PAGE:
ABA Retirement Glossary
When your firm adopts a plan offered through the Program, an Adoption Agreement is created. The Adoption Agreement specifies which provisions of the master plan document apply to your firm’s plan. Your firm also will tailor specific elements of the plan such as plan eligibility and entry date, the vesting schedule, and employer contributions. You will need to refer to your plan’s Adoption Agreement to check/verify information that may be specific to your firm’s plan.
Your firm may have completed one or more Adoption Agreements, depending on the number of Program plans at your firm.
Your firm’s Adoption Agreement may be amended from time to time by your firm, as organizational and employee needs change or as required by changes in law.
Department of Labor (DOL)
The U.S. DOL is the federal agency responsible for administering and enforcing ERISA. While the DOL and IRS share regulatory authority with respect to employee benefit plans, the DOL is primarily responsible for reporting and disclosure, and fiduciary responsibility.
Employee Retirement Income Security Act of 1974 (ERISA)
The Employee Retirement Income Security Act of 1974, or ERISA, is the federal law that established legal guidelines for pension plan administration and investment practices.
Internal Revenue Code (IRC)
The IRC is the federal law that specifies how and what income is to be taxed and what may be deducted from taxable income.
Internal Revenue Service (IRS)
The IRS is the federal agency responsible for administering and enforcing the Internal Revenue Code, through the assessment and collection of taxes, determination of pension plan qualification, and related activities. While the DOL and IRS share regulatory authority with respect to plans, the IRS is primarily responsible for plan qualification, funding and tax-related issues.
IRS Form 1099-R
The IRS Form 1099R is used to report any distributions that have been made from pension plans, annuities, profit sharing plans and individual retirement accounts.
By January 31 of each year, the ABA Retirement Funds Program (the Program) sends this form to participants who received payments during the previous calendar year so the participants can use the information when filing their income taxes.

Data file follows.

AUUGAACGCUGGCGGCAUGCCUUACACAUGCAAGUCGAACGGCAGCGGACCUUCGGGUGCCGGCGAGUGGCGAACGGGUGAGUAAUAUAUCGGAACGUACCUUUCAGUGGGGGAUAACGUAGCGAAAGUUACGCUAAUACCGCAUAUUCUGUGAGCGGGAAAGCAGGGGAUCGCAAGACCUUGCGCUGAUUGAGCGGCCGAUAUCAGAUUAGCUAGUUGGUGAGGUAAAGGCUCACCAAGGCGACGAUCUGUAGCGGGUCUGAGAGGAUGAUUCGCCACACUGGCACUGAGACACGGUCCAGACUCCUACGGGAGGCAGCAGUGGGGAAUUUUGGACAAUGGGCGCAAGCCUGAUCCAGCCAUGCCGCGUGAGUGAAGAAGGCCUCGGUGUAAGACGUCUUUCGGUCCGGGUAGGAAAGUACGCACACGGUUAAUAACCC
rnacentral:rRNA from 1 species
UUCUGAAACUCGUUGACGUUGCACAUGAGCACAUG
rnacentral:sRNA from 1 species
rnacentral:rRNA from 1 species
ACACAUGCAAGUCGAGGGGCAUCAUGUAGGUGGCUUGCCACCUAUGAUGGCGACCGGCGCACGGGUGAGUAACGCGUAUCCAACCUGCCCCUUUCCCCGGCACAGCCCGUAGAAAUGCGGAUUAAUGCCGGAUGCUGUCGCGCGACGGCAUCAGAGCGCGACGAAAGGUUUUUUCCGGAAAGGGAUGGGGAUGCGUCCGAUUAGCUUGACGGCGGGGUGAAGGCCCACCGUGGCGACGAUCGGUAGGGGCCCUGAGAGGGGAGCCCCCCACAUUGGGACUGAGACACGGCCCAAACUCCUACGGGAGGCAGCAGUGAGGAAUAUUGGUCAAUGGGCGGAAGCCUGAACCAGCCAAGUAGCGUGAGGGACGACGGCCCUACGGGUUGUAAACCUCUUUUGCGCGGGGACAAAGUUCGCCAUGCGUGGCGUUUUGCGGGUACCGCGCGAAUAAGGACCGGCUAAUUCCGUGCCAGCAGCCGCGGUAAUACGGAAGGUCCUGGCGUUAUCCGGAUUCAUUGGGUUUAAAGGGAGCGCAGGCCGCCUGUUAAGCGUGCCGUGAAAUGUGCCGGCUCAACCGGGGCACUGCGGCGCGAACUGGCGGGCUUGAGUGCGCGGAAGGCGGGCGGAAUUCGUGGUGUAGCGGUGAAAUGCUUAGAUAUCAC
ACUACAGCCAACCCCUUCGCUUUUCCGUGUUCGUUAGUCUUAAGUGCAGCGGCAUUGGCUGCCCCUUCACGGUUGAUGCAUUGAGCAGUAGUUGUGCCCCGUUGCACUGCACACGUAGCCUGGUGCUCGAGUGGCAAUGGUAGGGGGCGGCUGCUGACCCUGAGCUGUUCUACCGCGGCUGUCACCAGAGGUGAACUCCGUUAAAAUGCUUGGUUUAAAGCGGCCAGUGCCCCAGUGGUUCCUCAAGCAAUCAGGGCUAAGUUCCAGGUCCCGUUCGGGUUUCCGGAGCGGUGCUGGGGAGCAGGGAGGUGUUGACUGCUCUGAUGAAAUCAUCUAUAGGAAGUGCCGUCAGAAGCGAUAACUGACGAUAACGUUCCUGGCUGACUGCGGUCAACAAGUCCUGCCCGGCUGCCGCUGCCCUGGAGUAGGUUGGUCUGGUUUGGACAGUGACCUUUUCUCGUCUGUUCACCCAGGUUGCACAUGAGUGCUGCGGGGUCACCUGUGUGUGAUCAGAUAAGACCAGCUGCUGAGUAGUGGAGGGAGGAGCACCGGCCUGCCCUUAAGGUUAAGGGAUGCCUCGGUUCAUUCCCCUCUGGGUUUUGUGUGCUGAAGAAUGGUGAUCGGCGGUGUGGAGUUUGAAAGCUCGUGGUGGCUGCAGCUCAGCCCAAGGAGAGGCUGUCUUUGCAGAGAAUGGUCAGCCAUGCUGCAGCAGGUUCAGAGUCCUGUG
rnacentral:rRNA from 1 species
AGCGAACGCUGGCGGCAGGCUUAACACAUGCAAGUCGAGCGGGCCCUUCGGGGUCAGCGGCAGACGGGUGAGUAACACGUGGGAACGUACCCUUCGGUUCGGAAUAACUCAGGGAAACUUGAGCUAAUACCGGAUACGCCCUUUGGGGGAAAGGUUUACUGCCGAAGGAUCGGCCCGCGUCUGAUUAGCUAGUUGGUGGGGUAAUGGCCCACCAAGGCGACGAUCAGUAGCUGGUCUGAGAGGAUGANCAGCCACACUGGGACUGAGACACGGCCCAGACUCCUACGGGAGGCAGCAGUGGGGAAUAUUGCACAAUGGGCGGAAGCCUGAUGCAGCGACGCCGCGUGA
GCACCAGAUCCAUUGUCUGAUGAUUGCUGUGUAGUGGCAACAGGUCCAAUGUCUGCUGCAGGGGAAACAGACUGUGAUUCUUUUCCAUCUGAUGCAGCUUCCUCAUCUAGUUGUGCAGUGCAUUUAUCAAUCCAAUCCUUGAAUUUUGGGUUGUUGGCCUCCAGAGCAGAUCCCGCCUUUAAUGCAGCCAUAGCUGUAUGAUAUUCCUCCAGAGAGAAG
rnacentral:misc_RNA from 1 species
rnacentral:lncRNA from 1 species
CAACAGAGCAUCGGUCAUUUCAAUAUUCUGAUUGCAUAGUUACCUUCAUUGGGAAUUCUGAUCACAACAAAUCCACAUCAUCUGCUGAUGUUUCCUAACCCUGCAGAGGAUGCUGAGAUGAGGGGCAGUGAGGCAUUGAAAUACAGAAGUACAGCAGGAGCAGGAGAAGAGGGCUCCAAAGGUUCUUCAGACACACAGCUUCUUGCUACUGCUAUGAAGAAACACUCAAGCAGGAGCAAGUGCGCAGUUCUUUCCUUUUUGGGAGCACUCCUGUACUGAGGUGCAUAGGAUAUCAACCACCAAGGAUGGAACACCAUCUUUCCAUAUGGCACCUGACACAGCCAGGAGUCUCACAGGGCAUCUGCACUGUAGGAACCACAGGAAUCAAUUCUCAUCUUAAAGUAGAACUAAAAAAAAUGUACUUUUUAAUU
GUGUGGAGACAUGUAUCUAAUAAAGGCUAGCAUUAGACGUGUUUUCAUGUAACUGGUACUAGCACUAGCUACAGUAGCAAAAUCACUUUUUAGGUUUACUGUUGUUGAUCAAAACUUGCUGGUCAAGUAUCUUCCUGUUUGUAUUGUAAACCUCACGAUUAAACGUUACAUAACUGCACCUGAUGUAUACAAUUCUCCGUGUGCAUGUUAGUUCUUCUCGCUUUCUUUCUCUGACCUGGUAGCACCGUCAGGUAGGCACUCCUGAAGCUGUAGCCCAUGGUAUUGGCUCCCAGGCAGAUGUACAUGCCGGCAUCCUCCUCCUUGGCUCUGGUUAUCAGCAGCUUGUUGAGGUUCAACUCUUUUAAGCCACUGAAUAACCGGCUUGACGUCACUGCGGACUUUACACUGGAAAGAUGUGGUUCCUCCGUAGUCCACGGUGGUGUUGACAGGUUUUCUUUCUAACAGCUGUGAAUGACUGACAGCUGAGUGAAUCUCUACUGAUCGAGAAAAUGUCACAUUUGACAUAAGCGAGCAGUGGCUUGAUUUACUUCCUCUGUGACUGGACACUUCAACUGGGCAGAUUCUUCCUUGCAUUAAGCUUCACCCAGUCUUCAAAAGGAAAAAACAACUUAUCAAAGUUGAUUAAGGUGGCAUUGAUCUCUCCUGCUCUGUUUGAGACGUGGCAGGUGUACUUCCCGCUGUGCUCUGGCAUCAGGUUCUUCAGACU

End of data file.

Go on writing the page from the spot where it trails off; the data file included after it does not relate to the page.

Qualified Default Investment Alternative (QDIA) Notice
Plan fiduciaries can help shield themselves from liability for losses if a QDIA is used for participants who fail to direct the investment of their accounts. The protection is available only if the QDIA requirements prescribed by the Department of Labor (DOL) are met, including participant notice requirements. In general, an initial QDIA notice must be provided at least 30 days before the participant becomes eligible for the plan or before his or her contributions are first invested in a QDIA. Thereafter, an annual notice must be provided at least 30 days before the start of each plan year.
Self-Directed Brokerage Account (SDBA)
The SDBA allows participants to invest their funds as they direct in a wide variety of publicly traded debt and equity securities and shares of numerous mutual funds.
Summary Annual Report (SAR)
The SAR is a summary for participants of basic financial information included in the Form 5500 filed with IRS. It includes information on the assets and liabilities of the plan, payments and receipts for the last plan year. The Program provides the SAR with the Form 5500. If you have a defined contribution plan (which includes profit sharing plans, 401(k) plans, money purchase pension plans and target benefit plans), then you must annually distribute the SAR to each participant, beneficiary and alternate payee.
Summary of Material Modifications (SMM)
If the plan changes, an SMM (or revised SPD) must be given to participants. An SMM notifies participants of the change. It acts as an amendment to the SPD until a new SPD is distributed. The SMM must be sent to all plan participants within 210 days after the end of the plan year in which the amendment was adopted.
Summary Plan Description (SPD)
An SPD is a summary of the plan provisions that the Program provides to firms for their participants. It includes information such as eligibility, vesting, employee rights and appeal procedures. As Plan Administrator, you must provide the SPD as follows:
- For new participants and beneficiaries: Within 90 days after a plan participant or beneficiary becomes eligible for the plan. Beneficiaries become eligible for the plan on the date of the death of the participant. This also includes distributing any existing summaries of material modifications (SMMs) to the SPD.
- For new plans: To participants within 120 days after the plan is adopted or effective, whichever is later.
- For updated plans: To participants within 210 days after the plan year in which the amendment was adopted.